Smoke on Hendry's Beach is Natural Shale Oil Combustion

Smoke on Hendry's Beach is Natural Shale Oil Combustion title=
Smoke on Hendry's Beach is Natural Shale Oil Combustion
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Santa Barbara County fire crews are keeping an eye on smoke along the bluffs of Hendry's Beach, also known as Arroyo Burro Beach, due to smoldering shale oil.

Approximately 10 feet up from the beach, a 3-4 foot area is producing light smoke that can be seen from the shoreline and bluffs. Fire crews flagged off the area as a precaution.

Public Information Officer Mike Eliason explained this is a naturally occurring geological phenomenon where deposits of oil shale embedded in sedimentary rock spontaneously combust and smolder due to friction. A constant influx of oxygen with the current winds keep it smoldering.  

This geological event generally does not pose a safety hazard to the public, it occurs every so often and may be accompanied by the faint smell of burnt hydrocarbon, said Eliason.

Hand crews have also removed vegetation around the area to prevent a fire from spreading. They will be on scene for a while as this event runs its natural course and stops.

 


Update by the Santa Barbara County Public Health Department

At approximately 9:30 a.m. the California Office of Emergency Services received a report of a strong odor and smoke seen emitting from the hillside just above the sand near Arroyo Burro Beach Park.

The Santa Barbara County Fire Department responded to the scene and is reporting the cause is a geological phenomenon on the beach approximately one mile west of Arroyo Burro Beach Park. The phenomenon occurs when deposits of oil shale embedded in the sedimentary rock spontaneously combust due to friction and begins to smolder. With current wind conditions in the area, a constant influx of oxygen continues to fan the smoldering process—much like blowing on two sticks while trying to start a campfire.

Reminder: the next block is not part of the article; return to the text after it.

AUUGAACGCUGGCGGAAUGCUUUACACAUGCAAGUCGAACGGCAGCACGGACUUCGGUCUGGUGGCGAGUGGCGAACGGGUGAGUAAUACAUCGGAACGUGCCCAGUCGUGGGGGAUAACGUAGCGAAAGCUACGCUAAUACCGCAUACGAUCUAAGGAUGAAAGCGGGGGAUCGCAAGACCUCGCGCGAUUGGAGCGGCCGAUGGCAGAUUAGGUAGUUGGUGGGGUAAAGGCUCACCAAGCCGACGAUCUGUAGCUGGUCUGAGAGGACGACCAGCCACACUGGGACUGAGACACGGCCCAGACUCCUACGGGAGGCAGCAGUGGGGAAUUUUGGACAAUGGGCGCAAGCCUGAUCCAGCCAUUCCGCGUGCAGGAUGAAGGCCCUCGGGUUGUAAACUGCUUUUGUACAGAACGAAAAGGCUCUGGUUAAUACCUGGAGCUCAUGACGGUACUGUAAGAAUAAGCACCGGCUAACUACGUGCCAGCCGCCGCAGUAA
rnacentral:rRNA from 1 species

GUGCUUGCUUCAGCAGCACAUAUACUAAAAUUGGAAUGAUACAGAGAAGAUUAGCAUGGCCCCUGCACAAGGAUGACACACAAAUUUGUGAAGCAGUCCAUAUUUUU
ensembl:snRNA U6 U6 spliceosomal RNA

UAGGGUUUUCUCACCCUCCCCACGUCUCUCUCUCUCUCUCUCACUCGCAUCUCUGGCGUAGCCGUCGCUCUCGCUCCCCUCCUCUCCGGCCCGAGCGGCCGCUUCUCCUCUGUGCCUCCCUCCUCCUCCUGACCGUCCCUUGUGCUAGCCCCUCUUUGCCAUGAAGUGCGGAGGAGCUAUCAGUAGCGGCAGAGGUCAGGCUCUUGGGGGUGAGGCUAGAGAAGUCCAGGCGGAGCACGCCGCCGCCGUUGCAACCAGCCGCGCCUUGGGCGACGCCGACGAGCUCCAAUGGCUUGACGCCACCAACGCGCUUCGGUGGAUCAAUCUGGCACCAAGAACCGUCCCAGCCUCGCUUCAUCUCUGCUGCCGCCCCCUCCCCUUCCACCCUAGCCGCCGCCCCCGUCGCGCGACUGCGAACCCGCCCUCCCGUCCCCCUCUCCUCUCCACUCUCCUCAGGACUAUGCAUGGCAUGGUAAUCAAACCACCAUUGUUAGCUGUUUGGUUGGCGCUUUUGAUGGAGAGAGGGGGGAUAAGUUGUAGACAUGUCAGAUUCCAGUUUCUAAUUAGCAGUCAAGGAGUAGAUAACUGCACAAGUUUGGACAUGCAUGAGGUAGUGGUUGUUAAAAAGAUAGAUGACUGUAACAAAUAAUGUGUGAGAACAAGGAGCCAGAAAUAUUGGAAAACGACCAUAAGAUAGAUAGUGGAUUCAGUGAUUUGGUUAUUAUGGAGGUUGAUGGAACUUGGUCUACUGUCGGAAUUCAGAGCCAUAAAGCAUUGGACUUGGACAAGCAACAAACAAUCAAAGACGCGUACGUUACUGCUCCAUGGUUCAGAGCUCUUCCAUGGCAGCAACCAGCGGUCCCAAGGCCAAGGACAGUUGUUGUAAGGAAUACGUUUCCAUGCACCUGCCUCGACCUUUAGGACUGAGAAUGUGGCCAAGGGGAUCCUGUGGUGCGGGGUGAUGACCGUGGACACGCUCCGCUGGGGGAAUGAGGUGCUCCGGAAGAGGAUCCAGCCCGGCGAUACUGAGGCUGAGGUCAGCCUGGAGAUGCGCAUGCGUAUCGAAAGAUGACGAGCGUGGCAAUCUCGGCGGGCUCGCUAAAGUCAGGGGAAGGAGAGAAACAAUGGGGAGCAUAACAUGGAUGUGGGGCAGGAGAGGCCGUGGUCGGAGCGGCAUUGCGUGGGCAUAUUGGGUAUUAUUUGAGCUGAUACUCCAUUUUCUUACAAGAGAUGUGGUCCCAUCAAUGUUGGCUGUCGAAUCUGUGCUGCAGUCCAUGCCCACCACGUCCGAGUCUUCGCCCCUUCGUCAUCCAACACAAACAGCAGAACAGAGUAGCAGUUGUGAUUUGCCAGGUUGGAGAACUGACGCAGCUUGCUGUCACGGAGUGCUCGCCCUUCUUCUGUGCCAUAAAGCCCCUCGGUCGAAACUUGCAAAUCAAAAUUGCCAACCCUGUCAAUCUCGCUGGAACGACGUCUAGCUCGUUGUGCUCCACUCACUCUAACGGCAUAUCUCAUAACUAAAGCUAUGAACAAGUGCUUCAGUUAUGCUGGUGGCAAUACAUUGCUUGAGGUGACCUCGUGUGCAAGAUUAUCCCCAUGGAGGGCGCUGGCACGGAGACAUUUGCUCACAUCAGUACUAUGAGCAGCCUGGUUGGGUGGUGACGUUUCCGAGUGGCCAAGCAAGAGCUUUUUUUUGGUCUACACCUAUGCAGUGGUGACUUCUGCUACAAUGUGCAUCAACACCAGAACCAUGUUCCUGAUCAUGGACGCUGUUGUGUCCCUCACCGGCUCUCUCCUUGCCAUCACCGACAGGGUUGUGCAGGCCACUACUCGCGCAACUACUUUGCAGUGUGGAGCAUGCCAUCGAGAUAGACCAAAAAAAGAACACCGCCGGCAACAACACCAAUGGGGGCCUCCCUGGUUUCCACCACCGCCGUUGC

The smoldering section of the hillside is about 10 feet up from the beach covering an area of approximately three-feet by four-feet. It sloughs off small rocks from time to time, so County Fire has closed the immediate area as a precaution and crews remain on scene to remove any nearby vegetation that is growing above the site in the unlikely event of ignition.

This geological event is naturally occurring and happens occasionally, and carries with it the faint smell of burning hydrocarbons.

Santa Barbara County Environmental Health staff confirmed with the Fire Department personnel on-scene that there is no active seep or threat to waterways.

County Fire also reported detecting low levels of hydrogen sulfide on the beach within 50-feet of the cliff face. While the detected levels are well below those thought to cause adverse health effects, the County Public Health Department, Environmental Health Services recommends that people avoid the areas above and particularly below the area of concern on the beach due to the fact that hydrogen sulfide is heavier than air and tends to sink and collect in low-lying areas.

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